In response to Monday’s blog post, I had a couple authors I represent ask me about the NEXT big trends — What are the big things that we’re starting to see that have the potential to re-shape publishing over the next few years?
I don’t have the gift of prophecy, but I can take a stab at several things that are around, are growing, and have the capability of significantly changing things in this industry.
First, the Espresso print-on-demand machine has been around for a decade, but it’s only now starting to reveal what it can do. If you’re not familiar, the Espresso is a fancy computer & printer that sits in a bookstore and will produce one copy of any book you want. To this point it’s been pretty much a non-starter, but now indie stores have realized they can appeal to high-end readers, create a cozy environment for them, print one high-class copy of a book, and not have to invest in a ton of other inventory. Suddenly we’re seeing a new way to do a bookstore. No, this isn’t going to compete with Barnes & Noble, but the folks doing this aren’t trying to compete with Barnes & Noble. They want to create a completely different kind of experience.
Second, Kickstarter and Crowdfunding can help support authors, publishers, and bookstores. A couple of companies have used this lately to raise significant funds for titles that appeal to specific audiences (basically spec fiction and graphic novels to this point). But now we’re seeing publishers and stores go to loyal readers to help support certain titles. In other words, rather than an individual using Kickstarter or IndieGoGo or RocketHub to help fund one unique book, businesses are finding ways to make it a part of their overall finance strategy. That’s a brand new way of supporting the publishing business, and I think it could significantly alter the way some projects are brought to market.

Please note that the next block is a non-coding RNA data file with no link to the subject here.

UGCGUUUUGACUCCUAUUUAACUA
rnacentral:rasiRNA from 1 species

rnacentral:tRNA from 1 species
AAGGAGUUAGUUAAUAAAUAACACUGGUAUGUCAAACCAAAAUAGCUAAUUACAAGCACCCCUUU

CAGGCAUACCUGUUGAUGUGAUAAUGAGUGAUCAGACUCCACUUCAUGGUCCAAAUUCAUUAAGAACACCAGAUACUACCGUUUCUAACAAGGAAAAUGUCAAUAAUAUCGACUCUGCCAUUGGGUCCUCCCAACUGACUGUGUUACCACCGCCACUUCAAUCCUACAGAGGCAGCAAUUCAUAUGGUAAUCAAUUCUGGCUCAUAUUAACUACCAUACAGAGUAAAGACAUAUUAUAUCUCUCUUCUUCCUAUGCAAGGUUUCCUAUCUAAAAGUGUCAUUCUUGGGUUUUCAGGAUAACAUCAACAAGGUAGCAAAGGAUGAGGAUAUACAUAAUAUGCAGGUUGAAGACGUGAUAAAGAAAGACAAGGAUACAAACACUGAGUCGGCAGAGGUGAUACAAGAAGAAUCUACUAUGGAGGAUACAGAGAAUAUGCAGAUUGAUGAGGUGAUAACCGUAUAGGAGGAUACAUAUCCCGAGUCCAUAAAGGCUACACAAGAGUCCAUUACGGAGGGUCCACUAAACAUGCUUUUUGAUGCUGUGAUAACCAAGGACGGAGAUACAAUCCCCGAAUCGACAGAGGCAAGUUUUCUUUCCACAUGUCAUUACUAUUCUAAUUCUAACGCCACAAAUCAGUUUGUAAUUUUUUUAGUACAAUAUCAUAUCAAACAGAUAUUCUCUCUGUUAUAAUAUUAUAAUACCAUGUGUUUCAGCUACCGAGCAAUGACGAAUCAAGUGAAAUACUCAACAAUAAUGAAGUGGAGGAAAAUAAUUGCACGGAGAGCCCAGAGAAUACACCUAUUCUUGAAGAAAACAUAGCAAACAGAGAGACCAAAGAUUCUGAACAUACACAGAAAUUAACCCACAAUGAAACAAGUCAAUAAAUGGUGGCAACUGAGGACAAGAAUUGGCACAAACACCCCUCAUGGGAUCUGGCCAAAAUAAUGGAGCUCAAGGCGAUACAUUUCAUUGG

Third, Babylon and GoogleTranslation software could make foreign rights obsolete. Right now publishers take their text and sell it to publishing companies in foreign countries, who hire translators to move the book into another language. And, to this point, translation software has been fine for discovering how to move yes, let’s do lunch into si, facciamo il pranzo, or making sure you spell vous le vous coucher avec moi correctly, but it’s not good for taking your romantic suspense and shifting it into Spanish. But the new translation software has the power and potential to reshape publishing, by instantly transforming your text from language into another, thus dropping the costs significantly and, potentially, re-making the way we treat foreign rights.
I’m no doubt missing a bunch of things. I have friends who believe the future versions of Google Glasses will transform the reading experience, that the new Apple Wallet will change the financial packages of bookstores, and that Snippet will be the hot thing for those interested in reading shorter books. But the three I mentioned certainly have the potential to make a big difference in the publishing industry.
What are the changes you see happening that have the potential to re-shape books and publishing?